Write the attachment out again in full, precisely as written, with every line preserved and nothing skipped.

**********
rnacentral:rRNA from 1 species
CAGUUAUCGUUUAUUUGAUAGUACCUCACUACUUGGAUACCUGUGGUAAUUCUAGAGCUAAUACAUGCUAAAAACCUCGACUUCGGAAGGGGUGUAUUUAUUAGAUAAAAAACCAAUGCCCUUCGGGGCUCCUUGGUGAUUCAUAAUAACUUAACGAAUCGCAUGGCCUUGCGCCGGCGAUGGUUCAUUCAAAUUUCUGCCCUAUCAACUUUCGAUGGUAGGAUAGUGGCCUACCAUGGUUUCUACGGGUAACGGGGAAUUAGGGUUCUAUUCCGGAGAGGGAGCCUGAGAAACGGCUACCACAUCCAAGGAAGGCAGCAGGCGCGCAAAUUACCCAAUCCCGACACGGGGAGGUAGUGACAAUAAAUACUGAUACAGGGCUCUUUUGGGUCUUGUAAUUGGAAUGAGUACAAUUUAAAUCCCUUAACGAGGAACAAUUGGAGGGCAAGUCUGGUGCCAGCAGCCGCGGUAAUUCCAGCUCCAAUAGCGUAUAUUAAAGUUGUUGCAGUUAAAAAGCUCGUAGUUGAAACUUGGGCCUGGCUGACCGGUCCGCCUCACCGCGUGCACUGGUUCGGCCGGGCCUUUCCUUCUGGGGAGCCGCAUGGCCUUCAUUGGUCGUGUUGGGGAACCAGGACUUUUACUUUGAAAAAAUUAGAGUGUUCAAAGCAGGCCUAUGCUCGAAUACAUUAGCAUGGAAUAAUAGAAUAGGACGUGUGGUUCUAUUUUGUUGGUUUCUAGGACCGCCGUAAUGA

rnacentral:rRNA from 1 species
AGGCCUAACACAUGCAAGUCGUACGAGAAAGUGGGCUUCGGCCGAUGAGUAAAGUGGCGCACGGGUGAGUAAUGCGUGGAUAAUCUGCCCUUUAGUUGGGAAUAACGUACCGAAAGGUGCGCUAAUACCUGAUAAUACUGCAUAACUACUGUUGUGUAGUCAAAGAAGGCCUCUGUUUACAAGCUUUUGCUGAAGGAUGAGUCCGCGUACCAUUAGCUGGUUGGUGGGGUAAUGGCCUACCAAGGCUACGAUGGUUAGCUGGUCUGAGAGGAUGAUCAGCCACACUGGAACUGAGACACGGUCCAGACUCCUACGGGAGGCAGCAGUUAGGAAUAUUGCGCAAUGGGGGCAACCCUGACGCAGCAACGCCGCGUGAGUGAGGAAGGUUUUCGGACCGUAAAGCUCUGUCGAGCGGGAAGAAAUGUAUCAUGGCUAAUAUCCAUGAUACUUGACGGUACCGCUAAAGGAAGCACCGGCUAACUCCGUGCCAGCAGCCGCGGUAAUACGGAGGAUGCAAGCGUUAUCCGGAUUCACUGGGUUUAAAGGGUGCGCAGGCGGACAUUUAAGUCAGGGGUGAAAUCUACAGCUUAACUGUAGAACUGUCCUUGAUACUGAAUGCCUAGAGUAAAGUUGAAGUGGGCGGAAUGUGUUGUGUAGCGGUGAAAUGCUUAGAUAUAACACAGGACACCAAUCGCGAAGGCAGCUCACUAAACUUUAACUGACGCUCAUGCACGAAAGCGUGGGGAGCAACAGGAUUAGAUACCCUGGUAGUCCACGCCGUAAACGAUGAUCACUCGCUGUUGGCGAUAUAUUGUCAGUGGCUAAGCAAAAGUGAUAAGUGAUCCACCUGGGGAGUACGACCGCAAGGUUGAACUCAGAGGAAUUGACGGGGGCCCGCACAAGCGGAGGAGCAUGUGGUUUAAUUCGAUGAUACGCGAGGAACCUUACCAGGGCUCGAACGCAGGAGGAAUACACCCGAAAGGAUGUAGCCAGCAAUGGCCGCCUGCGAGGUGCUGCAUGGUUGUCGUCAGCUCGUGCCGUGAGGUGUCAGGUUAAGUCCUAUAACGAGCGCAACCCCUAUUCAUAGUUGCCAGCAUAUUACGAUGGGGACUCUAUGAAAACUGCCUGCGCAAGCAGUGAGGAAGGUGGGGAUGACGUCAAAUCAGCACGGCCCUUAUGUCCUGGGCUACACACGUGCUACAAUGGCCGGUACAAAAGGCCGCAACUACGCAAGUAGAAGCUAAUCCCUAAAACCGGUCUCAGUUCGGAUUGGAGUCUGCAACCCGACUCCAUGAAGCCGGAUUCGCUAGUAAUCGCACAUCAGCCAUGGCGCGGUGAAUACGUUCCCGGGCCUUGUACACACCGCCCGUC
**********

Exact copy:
rnacentral:rRNA from 1 species
CAGUUAUCGUUUAUUUGAUAGUACCUCACUACUUGGAUACCUGUGGUAAUUCUAGAGCUAAUACAUGCUAAAAACCUCGACUUCGGAAGGGGUGUAUUUAUUAGAUAAAAAACCAAUGCCCUUCGGGGCUCCUUGGUGAUUCAUAAUAACUUAACGAAUCGCAUGGCCUUGCGCCGGCGAUGGUUCAUUCAAAUUUCUGCCCUAUCAACUUUCGAUGGUAGGAUAGUGGCCUACCAUGGUUUCUACGGGUAACGGGGAAUUAGGGUUCUAUUCCGGAGAGGGAGCCUGAGAAACGGCUACCACAUCCAAGGAAGGCAGCAGGCGCGCAAAUUACCCAAUCCCGACACGGGGAGGUAGUGACAAUAAAUACUGAUACAGGGCUCUUUUGGGUCUUGUAAUUGGAAUGAGUACAAUUUAAAUCCCUUAACGAGGAACAAUUGGAGGGCAAGUCUGGUGCCAGCAGCCGCGGUAAUUCCAGCUCCAAUAGCGUAUAUUAAAGUUGUUGCAGUUAAAAAGCUCGUAGUUGAAACUUGGGCCUGGCUGACCGGUCCGCCUCACCGCGUGCACUGGUUCGGCCGGGCCUUUCCUUCUGGGGAGCCGCAUGGCCUUCAUUGGUCGUGUUGGGGAACCAGGACUUUUACUUUGAAAAAAUUAGAGUGUUCAAAGCAGGCCUAUGCUCGAAUACAUUAGCAUGGAAUAAUAGAAUAGGACGUGUGGUUCUAUUUUGUUGGUUUCUAGGACCGCCGUAAUGA

rnacentral:rRNA from 1 species
AGGCCUAACACAUGCAAGUCGUACGAGAAAGUGGGCUUCGGCCGAUGAGUAAAGUGGCGCACGGGUGAGUAAUGCGUGGAUAAUCUGCCCUUUAGUUGGGAAUAACGUACCGAAAGGUGCGCUAAUACCUGAUAAUACUGCAUAACUACUGUUGUGUAGUCAAAGAAGGCCUCUGUUUACAAGCUUUUGCUGAAGGAUGAGUCCGCGUACCAUUAGCUGGUUGGUGGGGUAAUGGCCUACCAAGGCUACGAUGGUUAGCUGGUCUGAGAGGAUGAUCAGCCACACUGGAACUGAGACACGGUCCAGACUCCUACGGGAGGCAGCAGUUAGGAAUAUUGCGCAAUGGGGGCAACCCUGACGCAGCAACGCCGCGUGAGUGAGGAAGGUUUUCGGACCGUAAAGCUCUGUCGAGCGGGAAGAAAUGUAUCAUGGCUAAUAUCCAUGAUACUUGACGGUACCGCUAAAGGAAGCACCGGCUAACUCCGUGCCAGCAGCCGCGGUAAUACGGAGGAUGCAAGCGUUAUCCGGAUUCACUGGGUUUAAAGGGUGCGCAGGCGGACAUUUAAGUCAGGGGUGAAAUCUACAGCUUAACUGUAGAACUGUCCUUGAUACUGAAUGCCUAGAGUAAAGUUGAAGUGGGCGGAAUGUGUUGUGUAGCGGUGAAAUGCUUAGAUAUAACACAGGACACCAAUCGCGAAGGCAGCUCACUAAACUUUAACUGACGCUCAUGCACGAAAGCGUGGGGAGCAACAGGAUUAGAUACCCUGGUAGUCCACGCCGUAAACGAUGAUCACUCGCUGUUGGCGAUAUAUUGUCAGUGGCUAAGCAAAAGUGAUAAGUGAUCCACCUGGGGAGUACGACCGCAAGGUUGAACUCAGAGGAAUUGACGGGGGCCCGCACAAGCGGAGGAGCAUGUGGUUUAAUUCGAUGAUACGCGAGGAACCUUACCAGGGCUCGAACGCAGGAGGAAUACACCCGAAAGGAUGUAGCCAGCAAUGGCCGCCUGCGAGGUGCUGCAUGGUUGUCGUCAGCUCGUGCCGUGAGGUGUCAGGUUAAGUCCUAUAACGAGCGCAACCCCUAUUCAUAGUUGCCAGCAUAUUACGAUGGGGACUCUAUGAAAACUGCCUGCGCAAGCAGUGAGGAAGGUGGGGAUGACGUCAAAUCAGCACGGCCCUUAUGUCCUGGGCUACACACGUGCUACAAUGGCCGGUACAAAAGGCCGCAACUACGCAAGUAGAAGCUAAUCCCUAAAACCGGUCUCAGUUCGGAUUGGAGUCUGCAACCCGACUCCAUGAAGCCGGAUUCGCUAGUAAUCGCACAUCAGCCAUGGCGCGGUGAAUACGUUCCCGGGCCUUGUACACACCGCCCGUC